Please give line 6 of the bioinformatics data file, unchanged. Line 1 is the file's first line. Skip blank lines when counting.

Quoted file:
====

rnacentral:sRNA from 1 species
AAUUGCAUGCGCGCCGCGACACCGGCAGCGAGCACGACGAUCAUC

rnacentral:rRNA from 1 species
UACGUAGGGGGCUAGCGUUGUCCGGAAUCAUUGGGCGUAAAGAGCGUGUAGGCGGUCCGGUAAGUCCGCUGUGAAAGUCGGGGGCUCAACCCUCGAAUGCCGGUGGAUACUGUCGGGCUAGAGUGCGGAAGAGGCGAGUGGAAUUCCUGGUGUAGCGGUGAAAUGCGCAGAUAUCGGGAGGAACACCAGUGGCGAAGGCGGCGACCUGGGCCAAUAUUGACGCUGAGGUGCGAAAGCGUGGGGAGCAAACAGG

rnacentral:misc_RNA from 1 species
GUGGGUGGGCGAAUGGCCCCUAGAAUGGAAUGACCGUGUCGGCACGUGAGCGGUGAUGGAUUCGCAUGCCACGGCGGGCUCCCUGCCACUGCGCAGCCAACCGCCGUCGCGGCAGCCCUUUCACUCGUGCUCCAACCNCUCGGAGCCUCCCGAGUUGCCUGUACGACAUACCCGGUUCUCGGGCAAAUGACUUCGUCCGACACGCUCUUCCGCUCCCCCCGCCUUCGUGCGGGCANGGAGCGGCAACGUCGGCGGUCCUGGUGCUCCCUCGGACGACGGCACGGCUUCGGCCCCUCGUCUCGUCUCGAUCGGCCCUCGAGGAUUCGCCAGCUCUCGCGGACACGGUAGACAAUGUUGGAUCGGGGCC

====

GUGGGUGGGCGAAUGGCCCCUAGAAUGGAAUGACCGUGUCGGCACGUGAGCGGUGAUGGAUUCGCAUGCCACGGCGGGCUCCCUGCCACUGCGCAGCCAACCGCCGUCGCGGCAGCCCUUUCACUCGUGCUCCAACCNCUCGGAGCCUCCCGAGUUGCCUGUACGACAUACCCGGUUCUCGGGCAAAUGACUUCGUCCGACACGCUCUUCCGCUCCCCCCGCCUUCGUGCGGGCANGGAGCGGCAACGUCGGCGGUCCUGGUGCUCCCUCGGACGACGGCACGGCUUCGGCCCCUCGUCUCGUCUCGAUCGGCCCUCGAGGAUUCGCCAGCUCUCGCGGACACGGUAGACAAUGUUGGAUCGGGGCC